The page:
>> let's take your theory out to its logical end. >> yes. >> michael cohen cracks. you said there's less than a 1% chance -- >> it's not the issue -- >> let's take it through. michael cohen cooperates with the fbi, with the prosecutors, he tells them what they want to hear -- >> yes. >>. >> -- in your view, and that leads to what jeopardy for donald trump? >> i'm going to correct you. he doesn't testify to what he thinks the prosecutors want. he sits there and figures out himself and how he can earn -- >> when all that happens, what happens to donald trump? >> well, i would hope that there would be no trial, because prosecution discretion decision, and that the president is not put upon to disregard world affairs like the syria and north korea and the rest of those
things, to engage in colloquy back and forth that can only cause disrespect for our country. >> you remember richard nixon during the impeachment investigation was conducting the vietnam war every day of that investigation. >> yes. >> so we've seen a president being able to handle his job while being investigated. so when you say trial, do you mean of the president or michael cohen? >> that being the case, any -- >> so you think that the michael cohen case taken all the way, in your theory of how it might work, could lead to the impeachment of the president? >> i think various review processes within the department of justice might see that justice is done. he certainly can't get justice done from networks that are committed to attacking him. i saw some commentator from your network say -- >> wait can i get you to answer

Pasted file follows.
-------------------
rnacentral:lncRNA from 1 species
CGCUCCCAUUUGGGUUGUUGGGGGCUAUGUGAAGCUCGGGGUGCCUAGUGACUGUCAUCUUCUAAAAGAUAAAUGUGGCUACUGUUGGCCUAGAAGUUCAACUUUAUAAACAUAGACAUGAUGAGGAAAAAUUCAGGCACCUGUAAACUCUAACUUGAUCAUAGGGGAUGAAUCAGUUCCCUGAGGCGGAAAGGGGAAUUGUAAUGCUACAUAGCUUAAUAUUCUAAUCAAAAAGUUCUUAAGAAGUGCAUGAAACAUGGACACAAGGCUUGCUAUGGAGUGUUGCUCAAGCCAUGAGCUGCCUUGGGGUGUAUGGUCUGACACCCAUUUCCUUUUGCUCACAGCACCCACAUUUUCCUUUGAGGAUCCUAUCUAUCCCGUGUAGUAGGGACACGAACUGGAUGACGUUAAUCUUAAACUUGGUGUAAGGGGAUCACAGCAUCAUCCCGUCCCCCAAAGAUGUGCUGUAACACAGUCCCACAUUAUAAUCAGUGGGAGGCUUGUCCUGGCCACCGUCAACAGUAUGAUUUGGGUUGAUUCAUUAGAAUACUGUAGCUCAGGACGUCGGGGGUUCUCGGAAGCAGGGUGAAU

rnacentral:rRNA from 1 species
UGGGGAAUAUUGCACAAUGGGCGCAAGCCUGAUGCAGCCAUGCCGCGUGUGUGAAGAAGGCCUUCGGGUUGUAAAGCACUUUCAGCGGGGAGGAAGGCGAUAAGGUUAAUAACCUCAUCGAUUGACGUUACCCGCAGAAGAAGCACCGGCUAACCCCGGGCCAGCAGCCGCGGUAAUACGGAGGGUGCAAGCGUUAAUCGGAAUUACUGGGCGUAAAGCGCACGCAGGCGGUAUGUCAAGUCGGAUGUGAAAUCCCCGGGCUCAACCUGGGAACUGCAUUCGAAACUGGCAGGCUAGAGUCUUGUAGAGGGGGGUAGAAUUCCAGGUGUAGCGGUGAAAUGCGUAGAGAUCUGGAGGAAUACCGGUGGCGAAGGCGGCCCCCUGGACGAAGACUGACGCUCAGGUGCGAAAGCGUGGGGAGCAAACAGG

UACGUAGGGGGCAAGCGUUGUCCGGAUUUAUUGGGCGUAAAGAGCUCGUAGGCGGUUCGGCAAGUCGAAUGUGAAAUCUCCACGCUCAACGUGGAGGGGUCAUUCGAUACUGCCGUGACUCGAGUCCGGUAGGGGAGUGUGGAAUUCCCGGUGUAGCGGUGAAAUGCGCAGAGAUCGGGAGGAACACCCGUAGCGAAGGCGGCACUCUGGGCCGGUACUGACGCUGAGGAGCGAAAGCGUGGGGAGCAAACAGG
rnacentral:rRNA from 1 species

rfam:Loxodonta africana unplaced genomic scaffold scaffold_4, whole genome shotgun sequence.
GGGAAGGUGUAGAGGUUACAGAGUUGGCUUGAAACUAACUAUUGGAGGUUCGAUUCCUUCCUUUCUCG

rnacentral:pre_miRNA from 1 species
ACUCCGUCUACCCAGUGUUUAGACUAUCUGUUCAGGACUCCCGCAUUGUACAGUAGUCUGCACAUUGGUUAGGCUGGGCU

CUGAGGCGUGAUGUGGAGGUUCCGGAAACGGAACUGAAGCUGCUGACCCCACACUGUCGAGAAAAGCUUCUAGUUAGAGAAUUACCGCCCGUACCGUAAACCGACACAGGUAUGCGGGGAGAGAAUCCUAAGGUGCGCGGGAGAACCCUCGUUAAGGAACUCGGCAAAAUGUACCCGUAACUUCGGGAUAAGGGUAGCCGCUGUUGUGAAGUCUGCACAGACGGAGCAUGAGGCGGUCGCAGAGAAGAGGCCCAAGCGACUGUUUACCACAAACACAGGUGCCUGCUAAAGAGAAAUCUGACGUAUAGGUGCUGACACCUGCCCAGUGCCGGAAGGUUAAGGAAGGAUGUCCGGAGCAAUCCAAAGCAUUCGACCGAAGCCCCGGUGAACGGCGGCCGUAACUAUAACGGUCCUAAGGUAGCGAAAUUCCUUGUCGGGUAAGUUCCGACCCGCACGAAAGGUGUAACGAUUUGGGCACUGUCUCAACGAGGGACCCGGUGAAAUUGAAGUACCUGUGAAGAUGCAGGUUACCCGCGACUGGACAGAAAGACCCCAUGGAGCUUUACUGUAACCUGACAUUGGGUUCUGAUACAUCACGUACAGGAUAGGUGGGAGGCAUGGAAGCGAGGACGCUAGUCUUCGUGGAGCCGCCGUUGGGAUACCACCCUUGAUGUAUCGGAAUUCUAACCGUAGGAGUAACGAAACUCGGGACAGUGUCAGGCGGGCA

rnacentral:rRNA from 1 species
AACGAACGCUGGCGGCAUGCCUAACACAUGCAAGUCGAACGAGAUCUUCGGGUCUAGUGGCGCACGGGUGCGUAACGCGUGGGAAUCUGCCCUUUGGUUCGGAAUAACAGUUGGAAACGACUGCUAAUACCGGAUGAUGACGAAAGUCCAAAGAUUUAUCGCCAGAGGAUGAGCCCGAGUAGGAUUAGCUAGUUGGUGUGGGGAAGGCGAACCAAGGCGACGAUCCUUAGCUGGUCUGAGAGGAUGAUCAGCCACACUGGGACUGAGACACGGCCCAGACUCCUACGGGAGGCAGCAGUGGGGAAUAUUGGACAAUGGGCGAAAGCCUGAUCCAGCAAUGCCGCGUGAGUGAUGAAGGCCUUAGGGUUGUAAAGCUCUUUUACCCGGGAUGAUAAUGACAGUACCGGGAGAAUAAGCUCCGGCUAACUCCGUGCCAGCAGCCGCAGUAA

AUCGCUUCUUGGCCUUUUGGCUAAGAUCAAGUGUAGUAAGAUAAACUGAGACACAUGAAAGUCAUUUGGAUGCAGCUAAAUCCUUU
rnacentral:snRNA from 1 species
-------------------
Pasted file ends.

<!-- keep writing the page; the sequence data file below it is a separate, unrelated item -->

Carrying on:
the question. you used the word impeachment, are you saying the end of the road of the michael cohen case could lead to impeachment of the president? >> it depends on what michael cohen is willing to say. >> so it could? >> it's believable. >> knowing donald trump, michael cohen, their dealings, when you say it's conceivable that the michael cohen case could lead to impeachment of the president, what do you think would be the elements of the impeachment? what do you think are the kinds of things that they would discover or use from michael cohen? what would michael cohen tell them that would lead to impeachment? >> there may be business affairs between the two of them. they may see events quite differently. but all i know from dealing with the man for two decades is that you, lawrence, have him wrong. >> okay. >> and i don't know whether you're willing to accept that, but i sort of doubt that because